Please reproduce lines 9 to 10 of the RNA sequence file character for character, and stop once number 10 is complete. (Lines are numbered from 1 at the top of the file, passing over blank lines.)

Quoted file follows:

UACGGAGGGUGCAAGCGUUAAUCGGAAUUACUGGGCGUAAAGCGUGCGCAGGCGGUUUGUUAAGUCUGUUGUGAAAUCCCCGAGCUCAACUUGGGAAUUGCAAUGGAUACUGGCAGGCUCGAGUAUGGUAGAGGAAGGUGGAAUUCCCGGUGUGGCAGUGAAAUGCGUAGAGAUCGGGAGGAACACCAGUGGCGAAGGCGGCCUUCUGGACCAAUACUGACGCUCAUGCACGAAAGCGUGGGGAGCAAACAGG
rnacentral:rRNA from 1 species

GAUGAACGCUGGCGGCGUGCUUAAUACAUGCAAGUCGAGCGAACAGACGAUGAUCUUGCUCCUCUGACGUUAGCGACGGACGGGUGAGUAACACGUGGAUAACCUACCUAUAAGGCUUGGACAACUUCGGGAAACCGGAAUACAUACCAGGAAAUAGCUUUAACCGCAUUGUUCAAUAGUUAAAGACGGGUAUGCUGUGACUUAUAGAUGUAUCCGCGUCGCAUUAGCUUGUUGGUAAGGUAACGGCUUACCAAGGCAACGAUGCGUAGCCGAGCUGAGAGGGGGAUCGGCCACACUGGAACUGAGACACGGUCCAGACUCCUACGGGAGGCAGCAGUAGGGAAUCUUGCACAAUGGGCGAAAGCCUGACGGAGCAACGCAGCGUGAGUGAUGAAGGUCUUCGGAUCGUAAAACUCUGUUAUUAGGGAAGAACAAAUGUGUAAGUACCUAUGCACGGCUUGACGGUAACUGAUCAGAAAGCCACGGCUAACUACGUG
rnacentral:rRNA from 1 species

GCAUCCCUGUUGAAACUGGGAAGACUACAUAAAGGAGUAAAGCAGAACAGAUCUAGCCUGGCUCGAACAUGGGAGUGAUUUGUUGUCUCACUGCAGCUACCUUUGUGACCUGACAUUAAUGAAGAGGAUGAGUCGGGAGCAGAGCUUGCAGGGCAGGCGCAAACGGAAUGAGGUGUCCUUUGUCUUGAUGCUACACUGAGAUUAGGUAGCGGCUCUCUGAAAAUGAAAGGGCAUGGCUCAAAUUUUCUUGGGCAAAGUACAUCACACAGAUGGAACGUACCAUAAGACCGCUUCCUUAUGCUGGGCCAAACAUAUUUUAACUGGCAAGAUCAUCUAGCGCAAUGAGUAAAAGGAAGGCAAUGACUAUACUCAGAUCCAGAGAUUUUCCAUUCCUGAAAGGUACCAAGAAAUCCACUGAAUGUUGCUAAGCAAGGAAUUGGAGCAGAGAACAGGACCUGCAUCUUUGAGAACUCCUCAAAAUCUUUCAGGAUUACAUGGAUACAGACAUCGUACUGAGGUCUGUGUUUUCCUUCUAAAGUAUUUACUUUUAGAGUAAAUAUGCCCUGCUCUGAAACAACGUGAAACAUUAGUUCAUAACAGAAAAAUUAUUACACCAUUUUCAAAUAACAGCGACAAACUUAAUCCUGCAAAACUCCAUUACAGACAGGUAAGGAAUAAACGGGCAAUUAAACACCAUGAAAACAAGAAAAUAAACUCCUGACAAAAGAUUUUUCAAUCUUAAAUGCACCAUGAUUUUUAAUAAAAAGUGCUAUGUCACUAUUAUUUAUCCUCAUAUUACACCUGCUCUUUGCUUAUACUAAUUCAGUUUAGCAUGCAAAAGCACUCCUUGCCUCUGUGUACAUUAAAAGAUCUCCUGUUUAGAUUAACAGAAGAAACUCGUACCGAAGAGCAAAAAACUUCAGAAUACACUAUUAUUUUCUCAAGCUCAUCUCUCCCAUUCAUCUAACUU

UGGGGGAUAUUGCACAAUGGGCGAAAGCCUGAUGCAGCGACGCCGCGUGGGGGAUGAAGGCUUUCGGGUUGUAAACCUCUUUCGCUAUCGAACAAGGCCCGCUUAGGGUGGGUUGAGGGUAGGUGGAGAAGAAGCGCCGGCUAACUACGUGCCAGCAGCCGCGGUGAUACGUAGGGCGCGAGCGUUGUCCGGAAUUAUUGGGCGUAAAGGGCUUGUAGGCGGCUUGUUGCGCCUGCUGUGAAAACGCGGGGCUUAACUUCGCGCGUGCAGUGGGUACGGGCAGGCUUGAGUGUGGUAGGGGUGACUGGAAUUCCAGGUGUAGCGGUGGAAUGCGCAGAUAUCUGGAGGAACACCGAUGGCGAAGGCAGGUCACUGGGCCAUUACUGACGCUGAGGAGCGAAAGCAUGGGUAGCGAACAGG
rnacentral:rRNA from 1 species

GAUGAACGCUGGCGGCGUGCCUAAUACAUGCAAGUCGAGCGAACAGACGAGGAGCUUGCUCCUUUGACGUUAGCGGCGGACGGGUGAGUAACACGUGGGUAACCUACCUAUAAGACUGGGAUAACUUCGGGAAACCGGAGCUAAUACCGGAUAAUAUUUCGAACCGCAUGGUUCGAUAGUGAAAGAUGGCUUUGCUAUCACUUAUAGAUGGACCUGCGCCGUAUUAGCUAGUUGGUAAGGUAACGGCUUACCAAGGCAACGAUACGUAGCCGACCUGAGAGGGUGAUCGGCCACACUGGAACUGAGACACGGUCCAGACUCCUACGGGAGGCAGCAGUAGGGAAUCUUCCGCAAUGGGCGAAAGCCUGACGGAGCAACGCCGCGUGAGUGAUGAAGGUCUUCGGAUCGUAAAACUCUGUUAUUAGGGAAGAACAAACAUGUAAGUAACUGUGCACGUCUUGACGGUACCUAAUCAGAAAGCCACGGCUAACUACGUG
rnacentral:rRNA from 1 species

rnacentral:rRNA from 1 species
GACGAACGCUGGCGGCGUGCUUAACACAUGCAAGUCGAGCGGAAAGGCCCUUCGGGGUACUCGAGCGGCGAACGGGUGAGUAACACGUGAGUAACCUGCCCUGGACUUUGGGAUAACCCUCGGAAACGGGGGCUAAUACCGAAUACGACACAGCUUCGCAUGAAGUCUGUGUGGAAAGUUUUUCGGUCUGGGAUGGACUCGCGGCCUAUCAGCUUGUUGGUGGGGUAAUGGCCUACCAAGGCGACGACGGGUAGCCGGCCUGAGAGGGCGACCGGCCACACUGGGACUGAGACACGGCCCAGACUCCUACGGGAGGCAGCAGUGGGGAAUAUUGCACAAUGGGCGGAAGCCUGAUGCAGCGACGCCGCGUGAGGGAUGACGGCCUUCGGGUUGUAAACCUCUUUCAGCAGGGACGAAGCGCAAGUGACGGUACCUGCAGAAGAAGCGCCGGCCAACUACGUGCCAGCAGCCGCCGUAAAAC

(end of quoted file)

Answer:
rnacentral:rRNA from 1 species

rnacentral:rRNA from 1 species